• Promotes dense, healthy root systems
  • Increased airflow to roots
  • Excellent drainage
  • Require more attention and maintenance because they dry out quickly. Note: You can use larger pots to help slow drying.
  • Flimsy structure can make plant support challenging
Ceramic pots

Terra cotta pots offer a unique set of benefits to growers in hot climates.

  • Absorb moisture and retain lower temperatures during hot days
  • Heavy weight helps to anchor larger plants
  • Less than optimal drainage; drilling holes into clay pots is possible but requires special tools and is labor-intensive
  • Heavy weight makes it difficult to transport plants

Caring for your indoor cannabis plants

When starting with clones or seedlings, you’ll want to check your plants every day because they’re delicate and sensitive to environmental conditions. You may need to adjust temperature and humidity levels in your indoor grow space at first to hit the sweet spot for your plants.

As your indoor weed plants grow, they’ll need less attention, but you’ll still need to check up on them every 2-3 days.


Best water for growing weed

The cleaner the water, the better for your plants, but you don’t need to buy a bunch of distilled water. Generally speaking, if you’re only growing a few plants and your tap water is good enough to drink, it’s probably fine for your weed plants.

You can invest in an EC (electrical conductivity) meter, which measures the dissolved salts of your water, to be sure. Plain water should be between 50-300 ppm.

Ideal water temperature for growing weed

Water shouldn’t be too hot or too cold—keep water temperature between 65-75°F. Cold water can shock the plant and make it difficult for roots to absorb. Excessively hot water can damage plants.

When growing weed indoors, you’ll likely have to add nutrients to your plants. You won’t need to add nutrients every time you water, but get on a schedule where you water every other time, or two on, one off.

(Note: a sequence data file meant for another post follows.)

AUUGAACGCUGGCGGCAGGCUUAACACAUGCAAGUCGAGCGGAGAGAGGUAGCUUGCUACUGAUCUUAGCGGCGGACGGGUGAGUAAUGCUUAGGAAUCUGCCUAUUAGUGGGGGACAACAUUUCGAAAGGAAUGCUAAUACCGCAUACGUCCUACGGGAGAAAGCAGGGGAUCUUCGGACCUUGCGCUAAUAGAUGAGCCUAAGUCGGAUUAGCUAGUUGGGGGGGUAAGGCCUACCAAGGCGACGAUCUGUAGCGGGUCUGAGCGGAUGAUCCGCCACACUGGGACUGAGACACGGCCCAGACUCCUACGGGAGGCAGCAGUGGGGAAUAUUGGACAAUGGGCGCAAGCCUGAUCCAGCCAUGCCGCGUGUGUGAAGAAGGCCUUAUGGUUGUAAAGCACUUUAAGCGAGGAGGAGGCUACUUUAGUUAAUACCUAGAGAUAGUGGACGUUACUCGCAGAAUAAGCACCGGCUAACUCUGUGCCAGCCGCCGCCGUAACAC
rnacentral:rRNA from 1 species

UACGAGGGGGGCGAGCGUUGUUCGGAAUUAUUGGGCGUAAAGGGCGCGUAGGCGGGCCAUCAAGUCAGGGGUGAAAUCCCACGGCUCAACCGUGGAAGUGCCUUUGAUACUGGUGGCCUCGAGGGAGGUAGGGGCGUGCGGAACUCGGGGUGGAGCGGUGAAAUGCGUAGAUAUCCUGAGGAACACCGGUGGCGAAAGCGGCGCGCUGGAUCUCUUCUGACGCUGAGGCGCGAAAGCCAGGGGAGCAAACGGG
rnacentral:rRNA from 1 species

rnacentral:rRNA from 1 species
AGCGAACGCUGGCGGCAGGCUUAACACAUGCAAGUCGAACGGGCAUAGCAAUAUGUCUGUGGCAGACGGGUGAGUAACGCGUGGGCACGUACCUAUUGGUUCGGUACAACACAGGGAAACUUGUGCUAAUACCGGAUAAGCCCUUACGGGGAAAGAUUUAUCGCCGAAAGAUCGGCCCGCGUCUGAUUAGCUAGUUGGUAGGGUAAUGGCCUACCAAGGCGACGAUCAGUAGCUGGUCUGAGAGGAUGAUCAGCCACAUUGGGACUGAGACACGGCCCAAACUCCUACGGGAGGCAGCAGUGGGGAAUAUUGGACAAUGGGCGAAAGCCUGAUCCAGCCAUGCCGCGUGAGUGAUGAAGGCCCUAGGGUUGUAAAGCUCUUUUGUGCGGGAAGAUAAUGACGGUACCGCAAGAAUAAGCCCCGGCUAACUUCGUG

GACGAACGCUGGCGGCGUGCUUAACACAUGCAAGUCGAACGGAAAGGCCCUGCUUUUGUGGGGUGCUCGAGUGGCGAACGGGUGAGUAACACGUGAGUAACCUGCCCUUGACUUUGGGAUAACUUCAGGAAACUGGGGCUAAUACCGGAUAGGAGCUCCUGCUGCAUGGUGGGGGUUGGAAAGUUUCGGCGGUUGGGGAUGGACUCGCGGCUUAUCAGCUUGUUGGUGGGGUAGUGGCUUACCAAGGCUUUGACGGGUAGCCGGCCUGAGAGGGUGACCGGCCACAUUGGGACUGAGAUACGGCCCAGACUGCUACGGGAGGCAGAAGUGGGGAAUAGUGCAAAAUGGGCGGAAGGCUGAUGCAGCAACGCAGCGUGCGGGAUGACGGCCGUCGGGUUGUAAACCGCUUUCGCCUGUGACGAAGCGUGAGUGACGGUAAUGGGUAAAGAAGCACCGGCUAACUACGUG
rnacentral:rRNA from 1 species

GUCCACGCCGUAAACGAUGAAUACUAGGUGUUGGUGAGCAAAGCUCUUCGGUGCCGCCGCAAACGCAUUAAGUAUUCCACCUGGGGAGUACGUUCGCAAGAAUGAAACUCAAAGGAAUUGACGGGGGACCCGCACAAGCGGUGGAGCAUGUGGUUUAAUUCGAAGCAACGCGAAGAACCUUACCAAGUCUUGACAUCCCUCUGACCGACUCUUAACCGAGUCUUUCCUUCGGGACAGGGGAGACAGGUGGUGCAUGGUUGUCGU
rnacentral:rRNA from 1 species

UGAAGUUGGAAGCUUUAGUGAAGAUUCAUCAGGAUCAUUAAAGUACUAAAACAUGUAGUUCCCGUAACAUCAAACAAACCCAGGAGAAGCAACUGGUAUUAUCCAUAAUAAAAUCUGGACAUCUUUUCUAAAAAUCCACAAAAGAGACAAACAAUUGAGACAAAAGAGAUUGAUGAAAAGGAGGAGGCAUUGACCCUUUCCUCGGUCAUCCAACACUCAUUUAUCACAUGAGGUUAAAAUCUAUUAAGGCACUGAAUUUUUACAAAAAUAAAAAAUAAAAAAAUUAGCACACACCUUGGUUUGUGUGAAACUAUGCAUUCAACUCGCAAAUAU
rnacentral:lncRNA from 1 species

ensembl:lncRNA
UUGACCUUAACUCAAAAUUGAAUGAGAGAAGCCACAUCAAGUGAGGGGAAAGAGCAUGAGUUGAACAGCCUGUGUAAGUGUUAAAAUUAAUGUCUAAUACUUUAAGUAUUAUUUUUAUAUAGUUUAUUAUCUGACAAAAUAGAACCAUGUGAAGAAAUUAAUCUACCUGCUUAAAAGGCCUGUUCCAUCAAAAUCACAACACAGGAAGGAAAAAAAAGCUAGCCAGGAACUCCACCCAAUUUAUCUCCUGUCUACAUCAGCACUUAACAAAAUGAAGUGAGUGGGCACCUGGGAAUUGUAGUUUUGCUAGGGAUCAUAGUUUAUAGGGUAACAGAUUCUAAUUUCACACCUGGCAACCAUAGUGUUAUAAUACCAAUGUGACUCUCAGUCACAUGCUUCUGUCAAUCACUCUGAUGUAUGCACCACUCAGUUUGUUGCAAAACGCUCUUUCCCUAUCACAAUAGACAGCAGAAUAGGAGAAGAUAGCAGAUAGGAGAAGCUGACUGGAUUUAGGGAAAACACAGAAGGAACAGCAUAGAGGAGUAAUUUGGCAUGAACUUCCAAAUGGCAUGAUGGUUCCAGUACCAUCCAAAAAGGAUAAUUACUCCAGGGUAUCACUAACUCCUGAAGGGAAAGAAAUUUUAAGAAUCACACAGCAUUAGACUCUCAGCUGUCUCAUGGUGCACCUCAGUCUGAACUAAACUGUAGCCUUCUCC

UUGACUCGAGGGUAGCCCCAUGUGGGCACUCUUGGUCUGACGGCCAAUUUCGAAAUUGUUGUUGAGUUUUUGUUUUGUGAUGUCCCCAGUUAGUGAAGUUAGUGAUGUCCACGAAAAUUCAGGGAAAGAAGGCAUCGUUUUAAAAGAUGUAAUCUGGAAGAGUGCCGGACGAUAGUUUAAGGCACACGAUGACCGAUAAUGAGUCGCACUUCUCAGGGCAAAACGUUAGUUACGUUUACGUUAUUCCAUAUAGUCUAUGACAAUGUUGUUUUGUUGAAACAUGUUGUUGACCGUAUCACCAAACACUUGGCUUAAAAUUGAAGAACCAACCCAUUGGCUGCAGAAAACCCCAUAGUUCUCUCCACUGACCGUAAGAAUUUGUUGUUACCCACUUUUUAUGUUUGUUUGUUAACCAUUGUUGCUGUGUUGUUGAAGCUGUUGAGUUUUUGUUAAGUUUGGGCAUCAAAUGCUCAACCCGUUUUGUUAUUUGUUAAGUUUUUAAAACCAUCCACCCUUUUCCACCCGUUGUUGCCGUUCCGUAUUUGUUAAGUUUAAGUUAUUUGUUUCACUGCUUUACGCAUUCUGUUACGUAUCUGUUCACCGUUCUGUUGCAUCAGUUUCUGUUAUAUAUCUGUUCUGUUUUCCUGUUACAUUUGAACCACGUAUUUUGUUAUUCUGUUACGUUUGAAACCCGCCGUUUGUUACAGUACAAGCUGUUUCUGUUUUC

Before watering, check the pH of your water and add pH Up or Down if needed.

Do weed plants like warm or cold water?

If anything, use water on the cold side, rather than the hot side. Under 65°F will slow nutrient uptake, but water above 75°F can damage a plant.


If using nutrients, estimate how much water you’ll need for all of your weed plants so you can measure out and mix in the appropriate amount of nutrients.

Remember, a common mistake newbie growers make is to overwater plants.

Check out our Guide on nutrients for more info.

Check for pests, mold, or nutrient deficiencies

You’ll also want to take this time to check over your weed plants for pests, mold, or nutrient deficiencies.

Examine the tops and undersides of leaves for pests or discoloration—spider mites live on the underside of leaves—as well as stalks and branches. Also, check the soil for pests.


Make sure all equipment is on, no breakers have flipped, and everything is running smoothly. Check lights, timers, fans, dehueys, ACs, and anything else that plugs into the wall or has a battery.

Think of all the equipment in your grow space as organs in the body—if one fails, the others will have to work a lot harder for a bit, and then will fail in a matter of time.

Daily maintenance checklist for your indoor marijuana grow

  • Water plants
    • Check pH of water
    • Measure and mix nutrients

    Indoor marijuana grow timeline

    The growth stages of marijuana can be broken down into four primary stages from seed to harvest:

    • Germination (3-10 days)
    • Seedling (2-3 weeks)
    • Vegetative (3-16 weeks)
    • Flowering (8-11 weeks)